from Wiktionary, Creative Commons Attribution/Share-Alike License
- n. the act of betraying
from the GNU version of the Collaborative International Dictionary of English
- n. The act or the result of betraying.
from The Century Dictionary and Cyclopedia
- n. The act of betraying.
from WordNet 3.0 Copyright 2006 by Princeton University. All rights reserved.
- n. an act of deliberate betrayal
- n. the quality of aiding an enemy
I prefer the term betrayal of the public trust to describe the course of action he's pursuing and predicted last November the eventual nominees of either party would embrace such methods.
CF: I can't accept the word betrayal because an artist has the absolute right and responsibility to follow their path -- to follow what interests them -- I felt certainly disappointed I was always looking for a book to touch me the way those early books did... but I never did.
Speaking on Ekho Moskvy, Mr. Chamov denied using the word "betrayal," adding: "Western companies were doing very well in Libya, as well as Russian companies...and then the war started and everything ended."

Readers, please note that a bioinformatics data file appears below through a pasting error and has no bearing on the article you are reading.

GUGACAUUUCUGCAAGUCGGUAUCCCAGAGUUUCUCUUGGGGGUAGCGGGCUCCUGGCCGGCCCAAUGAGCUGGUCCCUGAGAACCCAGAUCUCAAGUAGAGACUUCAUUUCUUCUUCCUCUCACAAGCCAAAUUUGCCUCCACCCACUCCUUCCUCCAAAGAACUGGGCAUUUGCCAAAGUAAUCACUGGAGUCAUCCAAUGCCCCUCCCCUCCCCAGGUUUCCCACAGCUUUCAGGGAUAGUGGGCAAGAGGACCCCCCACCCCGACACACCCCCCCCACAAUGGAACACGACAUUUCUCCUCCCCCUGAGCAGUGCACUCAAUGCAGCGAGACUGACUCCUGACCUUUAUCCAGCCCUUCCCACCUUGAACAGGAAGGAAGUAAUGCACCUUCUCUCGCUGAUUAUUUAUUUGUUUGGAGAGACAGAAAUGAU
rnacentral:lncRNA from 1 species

Playing what I call the betrayal sweepstakes -- a ceaseless denunciation of the administration's failures and missteps -- doesn't get us very far.
They put up with it because getting our help for awhile followed by another betrayal is the best offer they ever get.
Thousands of people marched through Los Angeles on Saturday, fueled in part by what they called a betrayal by Bush.
I will speak this hour with former CIA operative Valerie Plame Wilson about her life as a spy and what she calls her betrayal by the White House.
And a former CIA operative, her identity leaked in a Bush administration scandal, now tells us about her life as a spy and what she calls her betrayal by the White House.
I'll speak this hour with former CIA operative Valerie Plame Wilson about her life as a spy and what she calls her betrayal by the White House.
These parties allow their judgment to be clouded by hatred of what they call a betrayal by De Klerk of white interests.